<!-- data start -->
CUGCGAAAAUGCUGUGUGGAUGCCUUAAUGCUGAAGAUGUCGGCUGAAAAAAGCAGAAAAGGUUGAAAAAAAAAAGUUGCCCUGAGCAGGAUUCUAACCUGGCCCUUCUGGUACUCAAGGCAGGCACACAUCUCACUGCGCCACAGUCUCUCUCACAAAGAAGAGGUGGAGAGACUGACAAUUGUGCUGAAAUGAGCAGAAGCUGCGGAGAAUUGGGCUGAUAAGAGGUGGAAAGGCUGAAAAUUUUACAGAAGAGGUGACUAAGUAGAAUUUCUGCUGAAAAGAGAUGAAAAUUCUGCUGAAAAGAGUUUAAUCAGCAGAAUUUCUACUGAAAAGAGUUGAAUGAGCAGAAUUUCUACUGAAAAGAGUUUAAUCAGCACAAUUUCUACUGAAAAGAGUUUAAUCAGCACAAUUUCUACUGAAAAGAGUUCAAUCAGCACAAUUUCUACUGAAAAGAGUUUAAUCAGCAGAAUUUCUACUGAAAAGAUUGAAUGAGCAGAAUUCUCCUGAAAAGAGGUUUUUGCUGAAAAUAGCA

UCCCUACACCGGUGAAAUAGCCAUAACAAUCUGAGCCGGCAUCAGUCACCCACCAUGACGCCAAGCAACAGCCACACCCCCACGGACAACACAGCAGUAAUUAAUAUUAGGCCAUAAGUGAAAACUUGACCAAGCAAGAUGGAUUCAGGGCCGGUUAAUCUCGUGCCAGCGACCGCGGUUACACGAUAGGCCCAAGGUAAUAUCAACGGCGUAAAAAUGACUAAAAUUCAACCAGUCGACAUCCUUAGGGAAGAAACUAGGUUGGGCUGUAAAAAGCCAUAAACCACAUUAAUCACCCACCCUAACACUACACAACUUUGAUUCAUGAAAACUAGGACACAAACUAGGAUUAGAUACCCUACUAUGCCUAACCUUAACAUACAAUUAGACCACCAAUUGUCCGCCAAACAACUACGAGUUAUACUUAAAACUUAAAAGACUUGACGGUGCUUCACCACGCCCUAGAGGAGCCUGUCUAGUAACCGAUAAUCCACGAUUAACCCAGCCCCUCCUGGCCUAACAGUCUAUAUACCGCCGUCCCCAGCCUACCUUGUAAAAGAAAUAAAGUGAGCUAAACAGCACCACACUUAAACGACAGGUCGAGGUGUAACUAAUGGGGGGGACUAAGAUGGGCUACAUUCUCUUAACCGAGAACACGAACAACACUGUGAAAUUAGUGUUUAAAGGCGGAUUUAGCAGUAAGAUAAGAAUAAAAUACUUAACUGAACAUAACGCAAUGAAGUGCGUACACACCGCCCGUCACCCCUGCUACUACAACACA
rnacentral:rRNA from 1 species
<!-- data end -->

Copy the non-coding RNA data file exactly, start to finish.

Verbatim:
CUGCGAAAAUGCUGUGUGGAUGCCUUAAUGCUGAAGAUGUCGGCUGAAAAAAGCAGAAAAGGUUGAAAAAAAAAAGUUGCCCUGAGCAGGAUUCUAACCUGGCCCUUCUGGUACUCAAGGCAGGCACACAUCUCACUGCGCCACAGUCUCUCUCACAAAGAAGAGGUGGAGAGACUGACAAUUGUGCUGAAAUGAGCAGAAGCUGCGGAGAAUUGGGCUGAUAAGAGGUGGAAAGGCUGAAAAUUUUACAGAAGAGGUGACUAAGUAGAAUUUCUGCUGAAAAGAGAUGAAAAUUCUGCUGAAAAGAGUUUAAUCAGCAGAAUUUCUACUGAAAAGAGUUGAAUGAGCAGAAUUUCUACUGAAAAGAGUUUAAUCAGCACAAUUUCUACUGAAAAGAGUUUAAUCAGCACAAUUUCUACUGAAAAGAGUUCAAUCAGCACAAUUUCUACUGAAAAGAGUUUAAUCAGCAGAAUUUCUACUGAAAAGAUUGAAUGAGCAGAAUUCUCCUGAAAAGAGGUUUUUGCUGAAAAUAGCA

UCCCUACACCGGUGAAAUAGCCAUAACAAUCUGAGCCGGCAUCAGUCACCCACCAUGACGCCAAGCAACAGCCACACCCCCACGGACAACACAGCAGUAAUUAAUAUUAGGCCAUAAGUGAAAACUUGACCAAGCAAGAUGGAUUCAGGGCCGGUUAAUCUCGUGCCAGCGACCGCGGUUACACGAUAGGCCCAAGGUAAUAUCAACGGCGUAAAAAUGACUAAAAUUCAACCAGUCGACAUCCUUAGGGAAGAAACUAGGUUGGGCUGUAAAAAGCCAUAAACCACAUUAAUCACCCACCCUAACACUACACAACUUUGAUUCAUGAAAACUAGGACACAAACUAGGAUUAGAUACCCUACUAUGCCUAACCUUAACAUACAAUUAGACCACCAAUUGUCCGCCAAACAACUACGAGUUAUACUUAAAACUUAAAAGACUUGACGGUGCUUCACCACGCCCUAGAGGAGCCUGUCUAGUAACCGAUAAUCCACGAUUAACCCAGCCCCUCCUGGCCUAACAGUCUAUAUACCGCCGUCCCCAGCCUACCUUGUAAAAGAAAUAAAGUGAGCUAAACAGCACCACACUUAAACGACAGGUCGAGGUGUAACUAAUGGGGGGGACUAAGAUGGGCUACAUUCUCUUAACCGAGAACACGAACAACACUGUGAAAUUAGUGUUUAAAGGCGGAUUUAGCAGUAAGAUAAGAAUAAAAUACUUAACUGAACAUAACGCAAUGAAGUGCGUACACACCGCCCGUCACCCCUGCUACUACAACACA
rnacentral:rRNA from 1 species